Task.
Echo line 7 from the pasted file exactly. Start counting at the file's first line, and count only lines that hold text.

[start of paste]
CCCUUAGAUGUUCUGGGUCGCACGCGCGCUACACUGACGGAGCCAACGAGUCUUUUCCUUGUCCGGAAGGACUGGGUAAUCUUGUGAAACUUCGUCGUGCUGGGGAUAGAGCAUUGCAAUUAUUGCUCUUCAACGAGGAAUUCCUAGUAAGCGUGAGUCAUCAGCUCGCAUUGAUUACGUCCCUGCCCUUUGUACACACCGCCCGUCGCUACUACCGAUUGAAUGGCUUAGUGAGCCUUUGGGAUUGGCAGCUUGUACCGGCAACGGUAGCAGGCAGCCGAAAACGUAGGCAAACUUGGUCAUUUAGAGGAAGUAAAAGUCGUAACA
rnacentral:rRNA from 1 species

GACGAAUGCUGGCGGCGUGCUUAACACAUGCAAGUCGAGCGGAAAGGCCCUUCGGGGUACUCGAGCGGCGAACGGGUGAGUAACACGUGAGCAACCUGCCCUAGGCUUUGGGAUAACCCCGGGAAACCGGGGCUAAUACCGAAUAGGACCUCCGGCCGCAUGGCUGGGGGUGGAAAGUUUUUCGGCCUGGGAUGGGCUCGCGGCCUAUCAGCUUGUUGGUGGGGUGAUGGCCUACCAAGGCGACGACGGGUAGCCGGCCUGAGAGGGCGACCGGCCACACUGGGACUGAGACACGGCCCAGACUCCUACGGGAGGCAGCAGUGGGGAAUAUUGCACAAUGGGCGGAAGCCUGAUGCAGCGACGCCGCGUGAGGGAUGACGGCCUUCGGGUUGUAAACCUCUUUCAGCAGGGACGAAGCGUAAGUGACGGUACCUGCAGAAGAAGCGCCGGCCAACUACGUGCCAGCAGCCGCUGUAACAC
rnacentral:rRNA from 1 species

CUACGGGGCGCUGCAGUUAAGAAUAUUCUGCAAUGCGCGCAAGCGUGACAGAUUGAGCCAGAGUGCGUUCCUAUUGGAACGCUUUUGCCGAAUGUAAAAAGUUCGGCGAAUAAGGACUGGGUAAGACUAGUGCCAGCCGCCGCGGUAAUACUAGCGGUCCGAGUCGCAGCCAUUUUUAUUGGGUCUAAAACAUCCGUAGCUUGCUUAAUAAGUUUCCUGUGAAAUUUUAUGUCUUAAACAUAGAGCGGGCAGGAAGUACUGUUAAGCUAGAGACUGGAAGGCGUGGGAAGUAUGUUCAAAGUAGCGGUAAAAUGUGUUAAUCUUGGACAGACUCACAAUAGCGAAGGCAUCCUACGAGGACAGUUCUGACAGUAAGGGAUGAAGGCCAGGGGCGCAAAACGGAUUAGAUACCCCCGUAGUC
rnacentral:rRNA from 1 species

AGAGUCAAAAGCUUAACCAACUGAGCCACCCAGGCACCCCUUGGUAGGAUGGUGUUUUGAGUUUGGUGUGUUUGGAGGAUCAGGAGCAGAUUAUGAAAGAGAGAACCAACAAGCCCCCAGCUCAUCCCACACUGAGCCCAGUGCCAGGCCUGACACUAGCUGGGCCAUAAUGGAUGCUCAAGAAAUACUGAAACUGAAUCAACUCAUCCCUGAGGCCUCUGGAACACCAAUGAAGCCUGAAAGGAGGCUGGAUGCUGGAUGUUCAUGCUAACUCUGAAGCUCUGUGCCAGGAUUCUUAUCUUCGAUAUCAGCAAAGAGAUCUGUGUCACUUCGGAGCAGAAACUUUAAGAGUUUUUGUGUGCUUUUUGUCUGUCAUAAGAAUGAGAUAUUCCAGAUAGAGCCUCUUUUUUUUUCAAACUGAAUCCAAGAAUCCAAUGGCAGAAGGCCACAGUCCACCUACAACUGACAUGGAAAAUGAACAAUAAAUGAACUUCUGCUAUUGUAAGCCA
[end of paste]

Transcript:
AGAGUCAAAAGCUUAACCAACUGAGCCACCCAGGCACCCCUUGGUAGGAUGGUGUUUUGAGUUUGGUGUGUUUGGAGGAUCAGGAGCAGAUUAUGAAAGAGAGAACCAACAAGCCCCCAGCUCAUCCCACACUGAGCCCAGUGCCAGGCCUGACACUAGCUGGGCCAUAAUGGAUGCUCAAGAAAUACUGAAACUGAAUCAACUCAUCCCUGAGGCCUCUGGAACACCAAUGAAGCCUGAAAGGAGGCUGGAUGCUGGAUGUUCAUGCUAACUCUGAAGCUCUGUGCCAGGAUUCUUAUCUUCGAUAUCAGCAAAGAGAUCUGUGUCACUUCGGAGCAGAAACUUUAAGAGUUUUUGUGUGCUUUUUGUCUGUCAUAAGAAUGAGAUAUUCCAGAUAGAGCCUCUUUUUUUUUCAAACUGAAUCCAAGAAUCCAAUGGCAGAAGGCCACAGUCCACCUACAACUGACAUGGAAAAUGAACAAUAAAUGAACUUCUGCUAUUGUAAGCCA